When TEXAS MONTHLY talked to Robert Earl Keen about his new album last fall, the Bandera songwriter was relatively coy about the song “The Road Goes On and On,” which appears to be directed at Toby Keith, whose 2010 hit “Bullets in the Gun” sounds pretty similiar to Keen’s eternal (and oft-covered) classic “The Road Goes on Forever,” both melodically and lyrically.
Among some of Keen’s lyrics from “The Road Goes On and On” include:
You’re a regular jack in the box
In your clown suit and your goldilocks
The original liar’s paradox (you’ll have to Google that) . . .
Your horse is drunk and your friends got tired
Your aim grew weak and uninspired . . .
(An obvious reference to Keith’s song with Willie Nelson, “Beer for My Horses.”)
In the interview with Jeff McCord, Keen acknowledged that the song was about Keith, but said:
Well, it’s kind of difficult to talk about, you know? I felt like this individual had been picking on me for a long time, and I was sick of it. So instead of getting really ugly about things—I don’t really believe in lawsuits or threats—I took the Alexander Pope road and answered this guy in song. We’ll just have to see what happens.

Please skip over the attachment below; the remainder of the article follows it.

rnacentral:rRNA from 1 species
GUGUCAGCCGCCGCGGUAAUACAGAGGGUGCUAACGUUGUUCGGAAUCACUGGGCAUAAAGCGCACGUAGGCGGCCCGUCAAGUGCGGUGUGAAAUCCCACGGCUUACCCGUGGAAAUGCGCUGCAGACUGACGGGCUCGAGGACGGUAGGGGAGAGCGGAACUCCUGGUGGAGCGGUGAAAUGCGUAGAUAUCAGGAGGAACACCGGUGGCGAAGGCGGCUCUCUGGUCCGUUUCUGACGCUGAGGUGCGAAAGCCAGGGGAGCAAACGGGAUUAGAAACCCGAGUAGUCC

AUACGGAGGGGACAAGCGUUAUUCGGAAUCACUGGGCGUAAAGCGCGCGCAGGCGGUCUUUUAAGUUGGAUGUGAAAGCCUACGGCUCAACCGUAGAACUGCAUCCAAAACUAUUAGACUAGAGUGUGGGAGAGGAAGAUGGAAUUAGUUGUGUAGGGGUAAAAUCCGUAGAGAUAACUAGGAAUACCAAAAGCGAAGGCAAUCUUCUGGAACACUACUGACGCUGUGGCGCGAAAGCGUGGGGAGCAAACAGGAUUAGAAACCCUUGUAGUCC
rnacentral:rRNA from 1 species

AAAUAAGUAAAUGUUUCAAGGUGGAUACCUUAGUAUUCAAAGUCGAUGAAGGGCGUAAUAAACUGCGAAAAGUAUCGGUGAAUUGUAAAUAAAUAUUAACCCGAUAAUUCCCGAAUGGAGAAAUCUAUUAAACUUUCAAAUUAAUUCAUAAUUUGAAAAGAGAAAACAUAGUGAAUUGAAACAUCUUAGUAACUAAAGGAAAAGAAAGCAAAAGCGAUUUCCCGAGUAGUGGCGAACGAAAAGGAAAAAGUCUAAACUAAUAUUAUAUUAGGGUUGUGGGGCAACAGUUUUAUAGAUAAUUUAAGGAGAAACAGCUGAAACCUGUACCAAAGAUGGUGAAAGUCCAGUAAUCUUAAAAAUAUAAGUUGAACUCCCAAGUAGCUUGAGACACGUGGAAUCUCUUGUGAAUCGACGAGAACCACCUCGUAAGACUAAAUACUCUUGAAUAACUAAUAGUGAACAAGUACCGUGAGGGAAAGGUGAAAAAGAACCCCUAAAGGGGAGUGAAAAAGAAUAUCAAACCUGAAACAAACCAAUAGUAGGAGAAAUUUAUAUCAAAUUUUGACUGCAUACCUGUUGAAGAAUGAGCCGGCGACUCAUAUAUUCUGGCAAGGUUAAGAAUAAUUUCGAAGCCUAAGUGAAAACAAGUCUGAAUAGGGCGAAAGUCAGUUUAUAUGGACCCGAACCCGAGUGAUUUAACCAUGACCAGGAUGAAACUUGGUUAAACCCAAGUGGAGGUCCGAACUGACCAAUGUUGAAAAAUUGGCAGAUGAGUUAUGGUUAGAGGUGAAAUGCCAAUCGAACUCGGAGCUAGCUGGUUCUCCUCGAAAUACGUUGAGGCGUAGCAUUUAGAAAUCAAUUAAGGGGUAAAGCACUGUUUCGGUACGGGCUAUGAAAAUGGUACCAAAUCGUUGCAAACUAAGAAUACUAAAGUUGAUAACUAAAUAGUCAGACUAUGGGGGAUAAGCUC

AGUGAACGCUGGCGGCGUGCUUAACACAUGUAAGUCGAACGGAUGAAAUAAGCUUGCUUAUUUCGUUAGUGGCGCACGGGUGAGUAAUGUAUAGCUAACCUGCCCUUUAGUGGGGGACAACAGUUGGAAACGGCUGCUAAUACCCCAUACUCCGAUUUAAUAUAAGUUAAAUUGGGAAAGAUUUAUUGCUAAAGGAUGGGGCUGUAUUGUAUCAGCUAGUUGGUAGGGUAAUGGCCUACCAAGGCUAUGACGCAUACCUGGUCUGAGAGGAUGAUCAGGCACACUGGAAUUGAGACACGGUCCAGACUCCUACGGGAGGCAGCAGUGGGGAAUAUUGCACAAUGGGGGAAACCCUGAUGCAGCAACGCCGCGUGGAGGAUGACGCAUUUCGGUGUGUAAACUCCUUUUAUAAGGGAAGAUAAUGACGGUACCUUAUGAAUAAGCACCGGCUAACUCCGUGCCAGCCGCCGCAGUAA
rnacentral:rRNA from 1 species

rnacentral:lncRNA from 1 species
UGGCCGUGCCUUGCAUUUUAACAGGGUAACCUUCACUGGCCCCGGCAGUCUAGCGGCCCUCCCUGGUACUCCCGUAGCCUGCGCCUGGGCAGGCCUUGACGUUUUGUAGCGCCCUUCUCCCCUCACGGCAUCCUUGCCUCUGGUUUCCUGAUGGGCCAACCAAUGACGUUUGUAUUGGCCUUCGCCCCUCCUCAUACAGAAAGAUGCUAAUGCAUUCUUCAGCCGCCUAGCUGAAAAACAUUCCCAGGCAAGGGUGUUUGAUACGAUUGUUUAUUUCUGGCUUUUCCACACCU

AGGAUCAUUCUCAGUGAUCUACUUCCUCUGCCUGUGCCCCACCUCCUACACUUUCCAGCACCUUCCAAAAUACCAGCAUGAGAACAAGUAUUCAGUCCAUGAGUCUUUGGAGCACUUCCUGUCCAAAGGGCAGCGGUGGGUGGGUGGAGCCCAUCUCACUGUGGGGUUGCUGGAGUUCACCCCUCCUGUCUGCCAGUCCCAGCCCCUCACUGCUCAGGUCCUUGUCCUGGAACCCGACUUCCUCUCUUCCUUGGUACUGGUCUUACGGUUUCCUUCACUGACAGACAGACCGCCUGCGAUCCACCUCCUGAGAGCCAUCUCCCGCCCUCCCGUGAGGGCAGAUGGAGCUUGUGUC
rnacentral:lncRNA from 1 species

Now Keen is out on tour, with a date in Wilmington, North Carolina, and Mike Voorheis of the Wilmington Star-News got him to be a bit more blunt about it:
It’s not exactly 50 Cent vs. The Game, but Keen, who will play the Brooklyn Arts Center on Wednesday, Feb. 1, pulls no punches when he talks about Keith. Keen believes Keith stole the melody from his song “Road Goes on Forever” for Keith’s 2010 tune “Bullets in the Gun.” As soon as Keith’s song was released, Keen’s fans rose up in protest.
“I got all these calls from my friends. They were saying, ‘This is ridiculous. What are you gonna do?'” Keen said during a phone interview last week.
So Keen responded the best way he knew. He wrote a song.
In “The Road Goes On and On,” he doesn’t mention Keith by name but he refers to his “goldilocks” and says his “horse is drunk and your friends got tired.” In the song, he calls Keith a fraud and sings, “I never liked you anyway.”
When asked if “The Road Goes On and On” was written for Toby Keith, Keen cleverly turns the question.
“I didn’t write it for him to sing it, I can tell you that,” he said.
And did it make him feel better?
“Absolutely,” Keen said. “I did feel like I had to say something. I had to do something.”
Keen also told Voorheis that Nashville’s biggest stars feel like they can “borrow and steal and bully people around. I hate it.”
Here’s Keith’s song:
And here’s Robert Earl playing both “The Road Goes On and On” and “The Road Goes On Forever:”